7 Misconceptions About Conception

Infertility is a major bitch. It can seem like an almost endless font of emotions, misconceptions, fears, and at times complete and utter despair for the women and men who suffer through it. For women of a certain age who are not yet even trying for babies, it can swing like a scythe out of nowhere. For women (and yes, men) who are on the path to babies and facing road block after road block, it can be one of the hardest roads to travel in life.

The good news? Infertility is a bitch who almost always gets made over into a happy stork. Of the many strong women and men I know who have been down this road, they all have children now – be they biologically-derived or of another mother. And all of them feel with the depth of their souls that they have the children they were “meant” to have. Some confide they would not even change the path that got them to parenthood, as stressful as it was at times.

Still, for our sisters and brothers still on this road, one of the most painful things about it can be the misconceptions of others. People in the midst of infertility may know the technical ins and outs almost as well as some doctors. But the same doesn’t go for the aunt at Thanksgiving dinner who loudly asks three times in one evening if you’re pregnant and haven’t you been trying for years? (Because you got knocked up in the ten minutes since the first time she asked, right?) For the nosy aunts and well-meaning friends out there, here’s a look at some of the common misunderstandings about fertility that are better left unsaid.

It’s all in your head. It’s not all in your head. As Parents Magazine points out, some may tell men and women struggling with infertility that “if you’d stop worrying so much, you’d get pregnant.” Dr. John Zhang is the director of New Hope Fertility Center in New York. As he told New York Family, your relaxed mental state is important while trying to conceive. But he points out that “It’s also not [the case] that you can just relax and everything will be fine.”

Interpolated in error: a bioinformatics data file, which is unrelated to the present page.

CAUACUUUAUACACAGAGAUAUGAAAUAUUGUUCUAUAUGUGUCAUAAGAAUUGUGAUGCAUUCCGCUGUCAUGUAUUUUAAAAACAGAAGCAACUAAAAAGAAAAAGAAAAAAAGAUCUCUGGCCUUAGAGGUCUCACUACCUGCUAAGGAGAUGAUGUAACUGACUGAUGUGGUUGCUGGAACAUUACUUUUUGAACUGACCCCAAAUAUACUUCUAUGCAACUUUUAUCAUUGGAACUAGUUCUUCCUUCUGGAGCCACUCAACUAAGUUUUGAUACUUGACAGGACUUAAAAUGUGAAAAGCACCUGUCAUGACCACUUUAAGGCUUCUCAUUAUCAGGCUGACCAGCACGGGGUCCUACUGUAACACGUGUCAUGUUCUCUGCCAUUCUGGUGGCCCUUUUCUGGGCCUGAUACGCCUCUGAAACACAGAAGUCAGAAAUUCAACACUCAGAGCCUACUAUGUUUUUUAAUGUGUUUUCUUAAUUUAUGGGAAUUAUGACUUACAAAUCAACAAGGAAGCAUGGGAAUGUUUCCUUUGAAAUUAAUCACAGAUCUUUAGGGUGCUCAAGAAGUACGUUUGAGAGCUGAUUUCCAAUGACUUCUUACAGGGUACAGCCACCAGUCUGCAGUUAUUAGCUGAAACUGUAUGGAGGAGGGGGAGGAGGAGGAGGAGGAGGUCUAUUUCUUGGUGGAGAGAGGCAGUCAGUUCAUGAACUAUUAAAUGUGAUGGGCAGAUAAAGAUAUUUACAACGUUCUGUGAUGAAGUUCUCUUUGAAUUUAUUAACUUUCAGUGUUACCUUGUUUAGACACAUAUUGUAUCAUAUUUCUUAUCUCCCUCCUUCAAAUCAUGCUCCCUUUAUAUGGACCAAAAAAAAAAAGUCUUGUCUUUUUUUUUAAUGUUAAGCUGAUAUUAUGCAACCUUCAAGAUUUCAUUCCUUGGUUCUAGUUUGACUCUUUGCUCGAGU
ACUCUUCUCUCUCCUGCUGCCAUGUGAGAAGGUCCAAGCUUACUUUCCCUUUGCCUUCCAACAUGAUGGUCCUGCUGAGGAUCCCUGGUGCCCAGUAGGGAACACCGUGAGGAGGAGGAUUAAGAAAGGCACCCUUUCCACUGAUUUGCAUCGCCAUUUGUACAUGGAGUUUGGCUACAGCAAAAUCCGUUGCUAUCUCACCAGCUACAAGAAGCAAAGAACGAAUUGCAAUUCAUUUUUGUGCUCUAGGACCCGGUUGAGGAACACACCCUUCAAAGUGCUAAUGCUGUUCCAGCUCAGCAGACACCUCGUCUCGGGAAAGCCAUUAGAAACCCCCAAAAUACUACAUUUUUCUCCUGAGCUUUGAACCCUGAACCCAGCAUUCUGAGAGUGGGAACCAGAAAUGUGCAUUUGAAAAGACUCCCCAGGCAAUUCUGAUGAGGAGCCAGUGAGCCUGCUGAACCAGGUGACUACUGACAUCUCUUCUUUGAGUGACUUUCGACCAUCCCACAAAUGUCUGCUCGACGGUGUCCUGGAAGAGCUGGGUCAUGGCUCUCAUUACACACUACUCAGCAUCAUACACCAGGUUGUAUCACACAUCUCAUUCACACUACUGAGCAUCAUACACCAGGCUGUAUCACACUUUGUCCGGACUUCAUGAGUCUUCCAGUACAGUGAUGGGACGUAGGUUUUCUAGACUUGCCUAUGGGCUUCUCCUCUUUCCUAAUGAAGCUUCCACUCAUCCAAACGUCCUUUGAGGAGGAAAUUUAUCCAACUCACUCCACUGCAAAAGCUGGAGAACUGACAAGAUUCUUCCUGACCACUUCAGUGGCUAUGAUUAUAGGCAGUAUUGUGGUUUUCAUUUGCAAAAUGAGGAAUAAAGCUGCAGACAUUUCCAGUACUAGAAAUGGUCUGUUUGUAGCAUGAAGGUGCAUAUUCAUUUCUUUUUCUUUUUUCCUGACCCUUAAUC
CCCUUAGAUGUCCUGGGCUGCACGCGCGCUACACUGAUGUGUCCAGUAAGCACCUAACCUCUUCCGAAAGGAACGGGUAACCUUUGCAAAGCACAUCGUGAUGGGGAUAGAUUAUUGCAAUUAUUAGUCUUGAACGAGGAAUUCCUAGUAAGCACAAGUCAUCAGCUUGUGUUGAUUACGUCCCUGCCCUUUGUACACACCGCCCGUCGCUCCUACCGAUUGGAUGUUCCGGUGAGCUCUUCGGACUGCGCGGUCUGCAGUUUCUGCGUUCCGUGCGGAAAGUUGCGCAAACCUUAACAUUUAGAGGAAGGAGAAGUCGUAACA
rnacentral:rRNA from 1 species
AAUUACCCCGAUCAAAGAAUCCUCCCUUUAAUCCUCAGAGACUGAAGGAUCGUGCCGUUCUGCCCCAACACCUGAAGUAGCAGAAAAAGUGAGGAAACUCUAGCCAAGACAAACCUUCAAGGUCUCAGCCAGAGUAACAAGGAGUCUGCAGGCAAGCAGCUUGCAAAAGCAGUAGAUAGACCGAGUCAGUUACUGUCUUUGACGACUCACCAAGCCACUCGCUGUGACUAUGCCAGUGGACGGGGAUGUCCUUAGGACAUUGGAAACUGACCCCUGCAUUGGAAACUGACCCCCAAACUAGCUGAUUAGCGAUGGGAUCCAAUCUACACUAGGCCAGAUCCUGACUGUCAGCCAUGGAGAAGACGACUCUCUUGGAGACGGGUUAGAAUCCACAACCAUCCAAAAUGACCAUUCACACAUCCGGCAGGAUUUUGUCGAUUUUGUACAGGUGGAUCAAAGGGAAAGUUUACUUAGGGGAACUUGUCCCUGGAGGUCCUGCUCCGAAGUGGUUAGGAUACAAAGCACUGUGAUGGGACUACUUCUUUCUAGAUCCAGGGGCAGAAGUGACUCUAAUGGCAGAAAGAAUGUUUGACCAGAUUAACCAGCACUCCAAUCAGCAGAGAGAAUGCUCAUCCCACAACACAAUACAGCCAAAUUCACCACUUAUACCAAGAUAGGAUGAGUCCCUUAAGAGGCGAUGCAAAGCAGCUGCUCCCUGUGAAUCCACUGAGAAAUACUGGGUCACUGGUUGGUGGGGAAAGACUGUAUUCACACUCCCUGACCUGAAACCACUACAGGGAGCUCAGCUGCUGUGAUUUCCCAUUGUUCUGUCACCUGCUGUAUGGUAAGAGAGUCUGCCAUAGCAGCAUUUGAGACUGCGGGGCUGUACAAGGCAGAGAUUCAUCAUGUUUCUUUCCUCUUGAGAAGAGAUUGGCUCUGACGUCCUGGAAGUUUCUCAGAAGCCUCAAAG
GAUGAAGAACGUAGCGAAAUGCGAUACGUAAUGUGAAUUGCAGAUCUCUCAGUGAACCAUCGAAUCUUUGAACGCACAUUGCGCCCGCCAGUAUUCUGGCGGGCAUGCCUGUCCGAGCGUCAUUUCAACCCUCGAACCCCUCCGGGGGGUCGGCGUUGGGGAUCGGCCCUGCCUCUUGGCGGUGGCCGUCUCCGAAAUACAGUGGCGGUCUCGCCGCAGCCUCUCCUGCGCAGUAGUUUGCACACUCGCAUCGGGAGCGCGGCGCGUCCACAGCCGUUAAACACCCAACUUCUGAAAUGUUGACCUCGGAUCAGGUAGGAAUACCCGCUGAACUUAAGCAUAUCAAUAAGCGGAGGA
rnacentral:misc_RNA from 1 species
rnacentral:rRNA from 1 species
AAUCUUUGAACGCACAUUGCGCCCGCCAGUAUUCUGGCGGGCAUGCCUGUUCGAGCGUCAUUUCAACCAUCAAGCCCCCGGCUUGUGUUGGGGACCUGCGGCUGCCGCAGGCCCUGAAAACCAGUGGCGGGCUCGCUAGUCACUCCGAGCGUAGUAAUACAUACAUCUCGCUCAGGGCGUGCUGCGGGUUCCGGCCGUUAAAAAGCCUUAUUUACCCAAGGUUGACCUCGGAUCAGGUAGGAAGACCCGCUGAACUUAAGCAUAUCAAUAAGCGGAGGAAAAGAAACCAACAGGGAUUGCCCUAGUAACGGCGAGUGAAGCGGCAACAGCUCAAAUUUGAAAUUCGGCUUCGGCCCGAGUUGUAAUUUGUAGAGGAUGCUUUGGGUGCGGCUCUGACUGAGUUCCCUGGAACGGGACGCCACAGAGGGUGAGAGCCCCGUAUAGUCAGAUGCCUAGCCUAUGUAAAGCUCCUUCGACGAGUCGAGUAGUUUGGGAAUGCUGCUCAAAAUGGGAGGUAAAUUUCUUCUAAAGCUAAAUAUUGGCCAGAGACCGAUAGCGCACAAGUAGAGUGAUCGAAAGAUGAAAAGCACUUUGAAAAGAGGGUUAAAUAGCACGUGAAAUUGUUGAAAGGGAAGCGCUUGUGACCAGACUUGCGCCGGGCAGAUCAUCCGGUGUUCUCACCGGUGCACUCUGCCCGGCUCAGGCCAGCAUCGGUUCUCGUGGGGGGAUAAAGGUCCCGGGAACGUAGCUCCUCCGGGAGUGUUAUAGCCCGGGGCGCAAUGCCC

Isn’t it easy for women to get pregnant? Shows like 16 & Pregnant make it seem like a case of wine coolers is all you need to be with child. But the CDC reports that 7.3 million women in the United States have “impaired fecundity.” This is 11.3 percent of all women and by some estimate, one in every 10 couples. The struggle to get pregnant is more common than people think.

She had twins, so she must have used fertility treatments. Yes, with the rise of IVF, the rate of twin births has risen. One in 32 births are now twins, a rate that has gone up 65 percent since 1980 due to fertility treatments. But that doesn’t mean that every twin birth is from using fertility drugs or procedures, as one in 89 women still have fraternal twins and one in 250 women give birth to identical babies. More over, is it really a nosy aunt’s business how you conceived?

You’re healthy and look so young, so why are you having trouble? As a woman ages, her chances for conceiving a baby decrease no matter what. And while healthy choices are important on the road to baby, ultimately it is just about the joining of a viable egg and viable sperm. Further, infertility can strike men and women of any age.

Well, at least you have each other. To insinuate that a childless couple can’t have a happy or fulfilled life without babies insinuates that all people need parenthood as the lasting key to fulfillment. Life has disappointments. And if adoption and/or fertility treatments fail, people move on.

Genetics are everything. No, they aren’t. As Dr. Cooperman pointed out to New York Family, there is “no correlation between your mother’s infertility and your ability to conceive.” So if your mother or sister had trouble, that doesn’t mean you will.

It’s the woman’s fault. Sadly, CDC points out that 7.5 percent of all sexually-experienced men have sought treatment at some point for fertility issues. This comes to 3.3 to 4.7 million men. Couples who are trying for children are in this together. And as for the rest of us? We’re there for support.

Images: Vivian Chen, e3000

Katherine Butler

Katherine Butler is the Beauty Editor of EcoSalon and currently resides in Los Angeles, California.